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I ran across a new paper from the Berkeley NLP group on statistical testing, An Empirical Investigation of Statistical Significance in NLP.

There is pseudocode for computing a p-value in the paper, basically, the idea is that the sample set of $x_1,x_2,...,x_N$ are sampled with replacement from data $x$. Then

$\text{p-value} = \text{count}(\delta(x_i) > 2\delta(x))/N$, where $\delta(x_i)$ is a metric gain.

I could understand the formula for computing the p-value in Koehn's paper Statistical significance tests for machine translation evaluation, in which:

$\text{p-value} = \text{count}(\delta_a(x_i) < \delta_b(x_i))/N$, where $\delta_a$ and $\delta_b$ are the metric gain for system $a$ and $b$ respectively.

Is there any explanation or reference for the formula $\text{p-value} = \text{count}(\delta(x_i) > 2\delta(x))/N$. The authors also noted that if the mean of $\delta(x_i)$ is $\delta(x)$ and $\delta(x_i)$ is symmetric, then both formulas above are equivalent.

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As far as I understand from looking at section 2, the authors seem to explain their rationale for the bootstrap test as follows-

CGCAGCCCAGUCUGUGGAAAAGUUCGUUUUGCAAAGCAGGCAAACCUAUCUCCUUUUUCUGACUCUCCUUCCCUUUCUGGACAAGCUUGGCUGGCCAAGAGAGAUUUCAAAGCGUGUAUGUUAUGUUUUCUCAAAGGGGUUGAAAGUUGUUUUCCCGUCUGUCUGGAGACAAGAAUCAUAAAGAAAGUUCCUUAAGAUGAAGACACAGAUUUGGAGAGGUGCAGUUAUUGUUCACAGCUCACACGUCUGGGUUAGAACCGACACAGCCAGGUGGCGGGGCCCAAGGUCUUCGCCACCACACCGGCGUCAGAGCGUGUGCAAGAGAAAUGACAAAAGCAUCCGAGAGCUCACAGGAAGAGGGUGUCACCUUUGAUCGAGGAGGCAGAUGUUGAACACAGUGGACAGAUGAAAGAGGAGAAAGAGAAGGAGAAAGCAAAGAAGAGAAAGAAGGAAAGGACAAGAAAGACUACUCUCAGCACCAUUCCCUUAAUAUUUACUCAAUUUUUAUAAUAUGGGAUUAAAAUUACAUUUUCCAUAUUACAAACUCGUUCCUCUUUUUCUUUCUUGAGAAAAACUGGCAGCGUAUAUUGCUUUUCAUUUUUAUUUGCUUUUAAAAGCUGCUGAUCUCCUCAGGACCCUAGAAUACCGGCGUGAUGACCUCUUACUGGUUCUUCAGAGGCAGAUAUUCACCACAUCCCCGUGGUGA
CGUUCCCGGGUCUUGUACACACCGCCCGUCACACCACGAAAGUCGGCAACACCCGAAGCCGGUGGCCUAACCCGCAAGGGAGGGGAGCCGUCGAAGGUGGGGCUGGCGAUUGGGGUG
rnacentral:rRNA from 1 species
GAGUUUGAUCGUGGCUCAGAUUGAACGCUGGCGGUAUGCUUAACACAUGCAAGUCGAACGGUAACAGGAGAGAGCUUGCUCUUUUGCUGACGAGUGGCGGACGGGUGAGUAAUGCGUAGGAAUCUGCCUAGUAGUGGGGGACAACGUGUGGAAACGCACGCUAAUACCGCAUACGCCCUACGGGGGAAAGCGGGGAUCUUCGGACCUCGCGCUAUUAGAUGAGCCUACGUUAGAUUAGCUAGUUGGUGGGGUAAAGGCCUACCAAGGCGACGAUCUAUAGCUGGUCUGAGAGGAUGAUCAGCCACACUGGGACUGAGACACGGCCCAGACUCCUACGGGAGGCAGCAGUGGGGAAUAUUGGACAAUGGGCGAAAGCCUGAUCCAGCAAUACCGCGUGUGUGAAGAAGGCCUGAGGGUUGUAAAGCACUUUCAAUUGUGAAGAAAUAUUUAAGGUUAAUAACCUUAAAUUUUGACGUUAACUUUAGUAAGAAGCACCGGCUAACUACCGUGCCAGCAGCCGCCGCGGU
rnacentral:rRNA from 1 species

"the $x_i$ were sampled from $x$, and so their average $\delta(x_i)$ won’t be zero like the null hypothesis demands; the average will instead be around $\delta(x)$... The solution is a re-centering of the mean – we want to know how often $A$ does more than $\delta(x)$ better than expected. We expect it to beat $B$ by $\delta(x)$. Therefore, we count up how many of the $x_i$ have $A$ beating $B$ by at least $\delta(x)$."

The authors want to test if the gain is non-zero so they write the p-value as $\delta(x_i) < 2\delta(x)$ , which could be re-written as $0 < 2\delta(x) - \delta(x_i)$; because $E[\delta(x_i)]=\delta(x)$ the R.H.S. of the inequality then becomes $\delta(x)$, which is the $H_0$ they were seeking to reject.

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